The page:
Objective: Keratin proteins have been utilized as biomaterials for decades, and are currently under investigation for a variety of tissue regeneration and trauma applications. It has been suggested that certain keratins may have the capacity to act as a colloid in fluid resuscitation applications, providing viscosity and oncotic properties that may be beneficial during acute ischemic events. Oxidized keratin derivatives, also known as keratoses, show good blood and cardiovascular compatibility and thus are the subject of this study. Methods: The effects of keratose compounds will be assessed using a topload i.v. infusion model and observation of changes in the microvasculature of the cremaster muscle of rats. Results: Keratose resuscitation fluid (KRF) administration resulted in significant vasodilation in the cremaster muscle. This effect was blocked with pretreatment of l-NA to inhibit NO. Another keratin fraction, alpha-keratose, which is the primary viscosic compound, was not found to induce vasodilation. Conclusions: The apparent mechanism of vasodilation was found to be NO-mediated and isolated to a particular purified fraction, the KAP.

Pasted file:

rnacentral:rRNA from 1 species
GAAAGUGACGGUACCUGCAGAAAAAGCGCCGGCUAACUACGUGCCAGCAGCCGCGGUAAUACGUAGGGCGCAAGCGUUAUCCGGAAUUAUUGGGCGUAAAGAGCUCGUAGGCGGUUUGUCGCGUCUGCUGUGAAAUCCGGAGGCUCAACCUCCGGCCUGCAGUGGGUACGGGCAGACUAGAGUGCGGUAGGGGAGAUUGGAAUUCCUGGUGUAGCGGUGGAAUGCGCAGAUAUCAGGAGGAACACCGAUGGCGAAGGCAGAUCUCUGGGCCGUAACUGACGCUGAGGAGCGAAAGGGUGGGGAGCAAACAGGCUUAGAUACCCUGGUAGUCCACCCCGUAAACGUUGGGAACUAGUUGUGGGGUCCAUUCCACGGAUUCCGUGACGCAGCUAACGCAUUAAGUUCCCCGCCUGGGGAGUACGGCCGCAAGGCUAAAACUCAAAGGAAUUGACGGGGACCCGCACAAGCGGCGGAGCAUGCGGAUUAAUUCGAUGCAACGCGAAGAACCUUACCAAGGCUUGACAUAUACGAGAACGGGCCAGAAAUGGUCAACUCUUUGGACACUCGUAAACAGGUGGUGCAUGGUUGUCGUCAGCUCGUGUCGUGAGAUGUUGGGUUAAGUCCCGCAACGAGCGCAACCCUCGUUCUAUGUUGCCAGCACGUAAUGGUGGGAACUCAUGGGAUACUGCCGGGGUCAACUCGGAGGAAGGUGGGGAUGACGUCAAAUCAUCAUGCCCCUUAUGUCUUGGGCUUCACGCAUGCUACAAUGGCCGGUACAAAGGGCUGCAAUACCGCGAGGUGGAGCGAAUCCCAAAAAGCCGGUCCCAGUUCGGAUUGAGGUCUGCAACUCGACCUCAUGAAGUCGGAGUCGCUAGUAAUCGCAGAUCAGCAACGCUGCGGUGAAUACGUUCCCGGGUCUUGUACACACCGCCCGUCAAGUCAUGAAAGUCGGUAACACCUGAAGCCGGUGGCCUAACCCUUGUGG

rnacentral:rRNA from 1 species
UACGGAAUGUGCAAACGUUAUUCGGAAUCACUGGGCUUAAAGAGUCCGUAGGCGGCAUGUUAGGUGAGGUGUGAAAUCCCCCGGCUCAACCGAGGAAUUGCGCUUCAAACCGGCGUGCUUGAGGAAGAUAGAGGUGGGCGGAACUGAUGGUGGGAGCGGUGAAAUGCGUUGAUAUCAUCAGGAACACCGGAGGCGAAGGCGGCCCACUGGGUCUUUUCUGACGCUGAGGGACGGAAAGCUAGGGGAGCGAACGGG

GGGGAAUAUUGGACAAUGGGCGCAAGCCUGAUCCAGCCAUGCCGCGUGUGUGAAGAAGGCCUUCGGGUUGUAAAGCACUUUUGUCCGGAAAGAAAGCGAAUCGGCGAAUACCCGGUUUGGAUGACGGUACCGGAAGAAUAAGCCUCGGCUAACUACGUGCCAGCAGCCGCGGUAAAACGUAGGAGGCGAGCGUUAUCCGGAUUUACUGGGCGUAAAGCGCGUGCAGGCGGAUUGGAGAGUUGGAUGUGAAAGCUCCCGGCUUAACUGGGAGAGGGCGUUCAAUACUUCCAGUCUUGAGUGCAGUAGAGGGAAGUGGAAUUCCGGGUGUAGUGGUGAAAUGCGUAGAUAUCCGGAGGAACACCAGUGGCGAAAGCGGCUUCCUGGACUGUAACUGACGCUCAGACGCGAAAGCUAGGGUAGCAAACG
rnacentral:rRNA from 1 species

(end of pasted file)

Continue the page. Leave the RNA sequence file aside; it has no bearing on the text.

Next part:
- Keratin-associated protein
ASJC Scopus subject areas
- Molecular Biology
- Cardiology and Cardiovascular Medicine
- Physiology (medical)